* John Dornenburg (jdrnbrg@saclink.csus.edu) lectures in music history on the faculty at California State University Sacramento, and teaches the viola da gamba at Stanford University. He holds the Soloist’s Diploma from the Royal Conservatory in The Hague, and has performed on over twenty-five compact disc recordings that include solos by J.S. Bach, C.P.E. Bach, Marais, Abel, Hume, Sainte-Colombe, Kühnel, Simpson, and others.

1 Much work on Jacob Riehman has been done by Dr. Richard G. King, University of Maryland, who kindly provided me with a copy of both his critical edition of Riehman’s opus 1 and facsimile copies of the original parts.

2 Constantijn Huygens, in a letter to Prince Maurits, October 2, 1679, The Hague. The relevant paragraph of this letter is given in its original French and in Dutch translation on the CD-ROM.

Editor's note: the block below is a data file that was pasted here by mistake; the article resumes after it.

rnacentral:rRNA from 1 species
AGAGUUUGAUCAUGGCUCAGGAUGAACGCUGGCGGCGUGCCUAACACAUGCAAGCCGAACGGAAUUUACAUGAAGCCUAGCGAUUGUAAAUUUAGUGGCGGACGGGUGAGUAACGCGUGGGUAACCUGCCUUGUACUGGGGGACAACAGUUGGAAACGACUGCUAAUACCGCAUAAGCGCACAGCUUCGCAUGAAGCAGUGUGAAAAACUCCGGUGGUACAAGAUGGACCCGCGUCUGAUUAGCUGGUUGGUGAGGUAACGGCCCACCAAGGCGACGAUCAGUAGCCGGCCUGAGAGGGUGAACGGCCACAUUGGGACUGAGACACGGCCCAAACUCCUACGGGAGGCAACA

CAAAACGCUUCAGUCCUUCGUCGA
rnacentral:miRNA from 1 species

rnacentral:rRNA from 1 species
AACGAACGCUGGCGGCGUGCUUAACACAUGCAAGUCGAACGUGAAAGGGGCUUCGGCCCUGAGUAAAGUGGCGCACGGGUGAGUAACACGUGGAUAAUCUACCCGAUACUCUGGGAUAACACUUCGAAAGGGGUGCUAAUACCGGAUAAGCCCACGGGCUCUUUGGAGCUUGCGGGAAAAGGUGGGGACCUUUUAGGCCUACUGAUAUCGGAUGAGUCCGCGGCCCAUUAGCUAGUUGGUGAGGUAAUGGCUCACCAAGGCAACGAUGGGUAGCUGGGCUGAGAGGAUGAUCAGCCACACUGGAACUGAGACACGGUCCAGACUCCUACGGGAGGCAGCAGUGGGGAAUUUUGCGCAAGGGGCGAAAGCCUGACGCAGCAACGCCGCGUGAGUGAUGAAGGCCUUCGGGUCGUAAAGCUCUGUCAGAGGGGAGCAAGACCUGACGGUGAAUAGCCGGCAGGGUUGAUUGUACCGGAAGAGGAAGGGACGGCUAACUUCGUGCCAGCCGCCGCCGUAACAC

3 The information about Canon Falle’s booklet and the sale of the Chelys publication was kindly provided to me by the Belgian scholar Pieter Andriessen, author of Carel Hacquart een biografische bijdrage: Het werk (Brussels: Paleis der Academiën, 1974).

4 The full text of Snep’s Forward is provided on the CD-ROM.

5 See, for example the recordings by Alarius Ensemble (Harmonia Mundi KHB 20357) and Les Filles de Sainte-Colombe (Classic Masters CMCD-1013).

6 A new recording of the final six suites of Chelys was issued in 2004: Carolus Hacquart: Chelys; Guido Balestracci, viola da gamba; Nicola Dal Saso, violone; Rafael Banavita, archlute; and Massimiliano Raschietti, harpsichord and organ (Symphonia SYO 3205).